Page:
Sunday, August 29, 2010

Beauty And Sadness — Read 2010.08.28

When I bought this book, second hand but 'new,' I ignored the little alarms that warned me to keep my money in my pocket. I had spent too much time looking for my usual dreck in my local used bookstore, and had made myself late — books before life! As I'm in the process of leaving the store I see atop an 'in-box' near the cash register Beauty and Sadness. I decided that the author being Japanese out-weighed my caution against him being a Nobel prize winner. I allowed my visual aesthetic to tumble me into an infatuation with the Japanese print without reading the publication details. And so it came to pass that I impulsively bought a Japanese version of Henry James because I was in a hurry.

Henry James! I had rather throw sand in my eyes than read HJ! But, there I was. I spent my time reading this book wondering at whether or not it was the translator or the author who had effected the dull thud of short sentences filled with ominous meaning spoken by automatons repetitively about slowly rotating chairs, or obis, or paintings over and over again, repetitively.

The different characters all spoke in the same manner, with the same cadence, and the same heavy handed overtures to misplaced meaningfulness in a meaningless life. There were several times when I had to re-read the dialogue in order to keep straight who was speaking because the sentences all sounded as if they were spoken by the same person.

And the passions expressed were done in such dead voices that the finale was almost funny in its obviousness. Now that I'm older, it strikes me that James' characters tend to sound emotionally like overly melodramatic teenagers, housed, supposedly, in the bodies of adults with the adults' life experiences but twisted by their youthful fixation on nirvanic virginal sex, unrequited puppy love, and a cloyingly repugnant narcissistic infantilism. And this is exactly what Yasunari Kawabata and/or his translator gave us with Beauty and Sadness.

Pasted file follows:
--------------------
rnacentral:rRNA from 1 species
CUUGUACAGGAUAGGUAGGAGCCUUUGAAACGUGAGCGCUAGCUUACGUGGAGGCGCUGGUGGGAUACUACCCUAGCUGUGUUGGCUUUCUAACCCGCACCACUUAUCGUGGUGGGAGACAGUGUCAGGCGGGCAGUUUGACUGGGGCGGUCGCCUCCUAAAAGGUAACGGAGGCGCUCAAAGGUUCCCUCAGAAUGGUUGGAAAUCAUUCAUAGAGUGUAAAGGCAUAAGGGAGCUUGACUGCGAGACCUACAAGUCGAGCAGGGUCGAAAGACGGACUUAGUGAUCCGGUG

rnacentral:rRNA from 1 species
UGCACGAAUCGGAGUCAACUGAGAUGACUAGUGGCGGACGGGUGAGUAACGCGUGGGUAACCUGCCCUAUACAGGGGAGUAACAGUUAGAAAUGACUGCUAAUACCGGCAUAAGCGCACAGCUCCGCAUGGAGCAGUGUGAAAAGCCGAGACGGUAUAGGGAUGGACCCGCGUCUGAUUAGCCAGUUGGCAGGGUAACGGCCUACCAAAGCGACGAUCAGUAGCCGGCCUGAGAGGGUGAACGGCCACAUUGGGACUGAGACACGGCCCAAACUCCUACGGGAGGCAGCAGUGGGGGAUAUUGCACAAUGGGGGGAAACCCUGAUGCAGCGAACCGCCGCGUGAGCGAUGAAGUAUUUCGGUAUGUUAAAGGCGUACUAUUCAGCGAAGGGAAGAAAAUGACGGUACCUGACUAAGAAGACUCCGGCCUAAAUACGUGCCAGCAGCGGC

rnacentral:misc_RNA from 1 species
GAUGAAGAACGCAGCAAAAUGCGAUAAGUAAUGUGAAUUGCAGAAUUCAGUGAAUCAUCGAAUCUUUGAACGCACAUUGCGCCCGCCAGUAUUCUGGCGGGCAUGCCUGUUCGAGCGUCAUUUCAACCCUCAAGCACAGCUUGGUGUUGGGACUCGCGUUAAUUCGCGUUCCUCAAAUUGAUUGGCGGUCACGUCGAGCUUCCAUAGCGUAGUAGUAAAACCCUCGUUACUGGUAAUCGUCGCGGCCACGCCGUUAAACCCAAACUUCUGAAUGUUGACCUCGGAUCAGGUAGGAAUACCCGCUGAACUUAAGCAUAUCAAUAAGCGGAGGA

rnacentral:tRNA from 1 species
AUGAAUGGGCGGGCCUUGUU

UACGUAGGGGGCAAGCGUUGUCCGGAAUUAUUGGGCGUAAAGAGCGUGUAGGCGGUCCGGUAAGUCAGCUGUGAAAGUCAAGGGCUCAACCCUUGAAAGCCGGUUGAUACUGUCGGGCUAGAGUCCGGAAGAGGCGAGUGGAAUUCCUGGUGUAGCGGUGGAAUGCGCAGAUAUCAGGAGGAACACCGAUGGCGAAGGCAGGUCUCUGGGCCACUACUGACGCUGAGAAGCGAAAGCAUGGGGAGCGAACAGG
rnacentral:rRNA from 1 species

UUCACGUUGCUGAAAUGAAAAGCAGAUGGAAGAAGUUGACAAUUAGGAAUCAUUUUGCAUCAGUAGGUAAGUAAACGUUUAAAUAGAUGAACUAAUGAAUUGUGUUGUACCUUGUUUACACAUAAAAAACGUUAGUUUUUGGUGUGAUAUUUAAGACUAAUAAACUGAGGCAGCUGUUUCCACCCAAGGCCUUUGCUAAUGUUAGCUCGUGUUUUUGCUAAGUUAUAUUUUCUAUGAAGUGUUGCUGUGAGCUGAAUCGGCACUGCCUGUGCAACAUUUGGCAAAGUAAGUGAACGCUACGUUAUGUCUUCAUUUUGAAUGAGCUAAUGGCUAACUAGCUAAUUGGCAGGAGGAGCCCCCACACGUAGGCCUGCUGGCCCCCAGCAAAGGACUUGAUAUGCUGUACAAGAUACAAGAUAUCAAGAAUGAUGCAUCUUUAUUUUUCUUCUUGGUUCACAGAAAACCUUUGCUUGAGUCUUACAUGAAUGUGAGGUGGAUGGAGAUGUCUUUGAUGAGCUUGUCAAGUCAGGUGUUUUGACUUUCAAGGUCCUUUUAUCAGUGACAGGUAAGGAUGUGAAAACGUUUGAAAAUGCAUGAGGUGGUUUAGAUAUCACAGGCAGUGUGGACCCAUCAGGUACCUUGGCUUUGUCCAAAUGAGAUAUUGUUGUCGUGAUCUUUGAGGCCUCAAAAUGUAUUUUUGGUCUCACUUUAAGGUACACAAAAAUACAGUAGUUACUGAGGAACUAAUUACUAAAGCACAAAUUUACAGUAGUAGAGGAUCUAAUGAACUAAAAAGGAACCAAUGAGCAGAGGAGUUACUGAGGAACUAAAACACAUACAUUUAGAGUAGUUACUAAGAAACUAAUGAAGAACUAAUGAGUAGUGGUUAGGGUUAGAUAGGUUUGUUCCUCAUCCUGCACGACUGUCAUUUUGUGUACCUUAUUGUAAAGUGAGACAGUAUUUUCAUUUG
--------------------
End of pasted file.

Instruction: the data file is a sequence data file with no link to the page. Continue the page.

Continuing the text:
Why did I finish reading it, then? Well, in short, because I foolishly fell back into my own version of infantilism, to a time when I took pride in my having finished reading every book I started, regardless whether or not I enjoyed it. Michener's The Source humbled me in that regard, and with his writing sparked my nascent understanding that reading bad writing is a narcissistic waste of life. Life is short; read the good books first! (Okay, okay, what is a good book is hard objectively to define!)

And so why did I finish reading Beauty and Sadness? Because I belong to some weird web-based book club, and I wanted to put another book into my 'read' file; and because I wanted to write a review of it that I could put up into the ether-sphere. Oh! And because the book is very short, with relatively large font, and is festooned with lots of white space. And when I write this review I get to stuff it on other web sites, at least one which offers a chance at winning some money for books.

If you like Henry James, you'll probably like this. If you find youthful melodrama played out by so-called adults with emotionless sensitivity trite and trying, give this book a pass.

Moral of the story? When buying books, do not ignore the small inner intuitive warnings lest your book buy's haste has bought you waste.

Yasunari Kawabata.
Beauty and Sadness.
Toronto: Vintage Books International (A Div. of Random House), 1996. Tr. by Howard S. Hibbett. ISBN: 0-679-76105-5.

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